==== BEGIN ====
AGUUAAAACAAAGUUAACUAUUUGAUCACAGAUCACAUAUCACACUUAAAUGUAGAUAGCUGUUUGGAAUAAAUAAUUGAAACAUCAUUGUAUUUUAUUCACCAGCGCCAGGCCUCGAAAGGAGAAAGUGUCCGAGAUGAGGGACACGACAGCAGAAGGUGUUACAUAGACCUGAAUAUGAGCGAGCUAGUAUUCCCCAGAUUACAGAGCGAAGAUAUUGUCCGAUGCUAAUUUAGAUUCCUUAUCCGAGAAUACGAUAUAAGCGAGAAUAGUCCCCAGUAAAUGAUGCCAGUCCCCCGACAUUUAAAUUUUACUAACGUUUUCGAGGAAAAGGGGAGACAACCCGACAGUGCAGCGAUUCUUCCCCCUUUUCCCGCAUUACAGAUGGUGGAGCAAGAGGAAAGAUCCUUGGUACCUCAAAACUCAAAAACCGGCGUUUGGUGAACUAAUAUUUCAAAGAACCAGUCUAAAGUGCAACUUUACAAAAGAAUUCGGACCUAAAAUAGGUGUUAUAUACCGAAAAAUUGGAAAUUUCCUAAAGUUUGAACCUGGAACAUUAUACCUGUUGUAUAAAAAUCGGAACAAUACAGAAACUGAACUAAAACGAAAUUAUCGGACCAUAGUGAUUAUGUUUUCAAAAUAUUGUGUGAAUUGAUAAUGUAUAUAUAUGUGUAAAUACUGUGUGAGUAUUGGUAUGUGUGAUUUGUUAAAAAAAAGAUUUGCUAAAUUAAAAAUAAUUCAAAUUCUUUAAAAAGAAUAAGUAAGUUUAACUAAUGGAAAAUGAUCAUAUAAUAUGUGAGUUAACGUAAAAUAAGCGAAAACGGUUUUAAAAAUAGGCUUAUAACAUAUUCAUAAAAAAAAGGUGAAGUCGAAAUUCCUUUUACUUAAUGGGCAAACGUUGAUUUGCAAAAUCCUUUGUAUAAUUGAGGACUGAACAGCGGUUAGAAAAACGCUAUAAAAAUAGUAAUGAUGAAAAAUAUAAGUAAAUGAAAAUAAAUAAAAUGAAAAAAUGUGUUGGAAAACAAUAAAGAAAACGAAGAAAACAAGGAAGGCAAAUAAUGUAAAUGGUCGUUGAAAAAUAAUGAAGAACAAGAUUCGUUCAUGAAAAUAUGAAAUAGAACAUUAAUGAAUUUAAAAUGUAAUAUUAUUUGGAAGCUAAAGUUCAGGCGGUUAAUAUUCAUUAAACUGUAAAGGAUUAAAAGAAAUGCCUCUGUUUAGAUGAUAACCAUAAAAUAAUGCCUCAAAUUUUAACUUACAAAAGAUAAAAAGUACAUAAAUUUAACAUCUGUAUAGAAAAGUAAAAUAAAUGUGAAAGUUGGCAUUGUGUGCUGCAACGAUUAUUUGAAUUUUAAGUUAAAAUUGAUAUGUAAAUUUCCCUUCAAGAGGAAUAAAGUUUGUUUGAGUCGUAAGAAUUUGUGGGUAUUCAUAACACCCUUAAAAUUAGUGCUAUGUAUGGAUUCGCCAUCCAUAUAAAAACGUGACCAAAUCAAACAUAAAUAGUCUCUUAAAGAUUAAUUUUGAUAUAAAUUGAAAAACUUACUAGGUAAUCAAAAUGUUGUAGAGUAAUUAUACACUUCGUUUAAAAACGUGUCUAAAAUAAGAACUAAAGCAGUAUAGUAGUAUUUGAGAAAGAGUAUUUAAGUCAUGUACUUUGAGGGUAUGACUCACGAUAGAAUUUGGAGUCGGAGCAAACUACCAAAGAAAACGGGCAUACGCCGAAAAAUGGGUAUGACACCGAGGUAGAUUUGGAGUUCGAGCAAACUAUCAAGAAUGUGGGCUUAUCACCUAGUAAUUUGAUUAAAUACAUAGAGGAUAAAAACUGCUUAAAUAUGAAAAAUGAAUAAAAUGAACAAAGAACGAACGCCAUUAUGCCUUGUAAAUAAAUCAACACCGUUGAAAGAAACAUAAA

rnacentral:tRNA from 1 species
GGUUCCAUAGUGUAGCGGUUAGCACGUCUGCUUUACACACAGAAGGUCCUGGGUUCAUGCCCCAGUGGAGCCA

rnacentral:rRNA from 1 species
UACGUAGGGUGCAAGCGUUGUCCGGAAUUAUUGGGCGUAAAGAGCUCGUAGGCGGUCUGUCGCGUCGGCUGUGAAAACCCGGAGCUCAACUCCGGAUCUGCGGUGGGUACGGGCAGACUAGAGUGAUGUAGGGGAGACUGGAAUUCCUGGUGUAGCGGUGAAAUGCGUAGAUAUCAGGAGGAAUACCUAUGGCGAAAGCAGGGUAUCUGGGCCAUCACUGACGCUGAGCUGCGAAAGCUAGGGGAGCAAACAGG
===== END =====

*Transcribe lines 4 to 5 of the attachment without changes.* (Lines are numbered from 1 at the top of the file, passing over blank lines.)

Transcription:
rnacentral:rRNA from 1 species
UACGUAGGGUGCAAGCGUUGUCCGGAAUUAUUGGGCGUAAAGAGCUCGUAGGCGGUCUGUCGCGUCGGCUGUGAAAACCCGGAGCUCAACUCCGGAUCUGCGGUGGGUACGGGCAGACUAGAGUGAUGUAGGGGAGACUGGAAUUCCUGGUGUAGCGGUGAAAUGCGUAGAUAUCAGGAGGAAUACCUAUGGCGAAAGCAGGGUAUCUGGGCCAUCACUGACGCUGAGCUGCGAAAGCUAGGGGAGCAAACAGG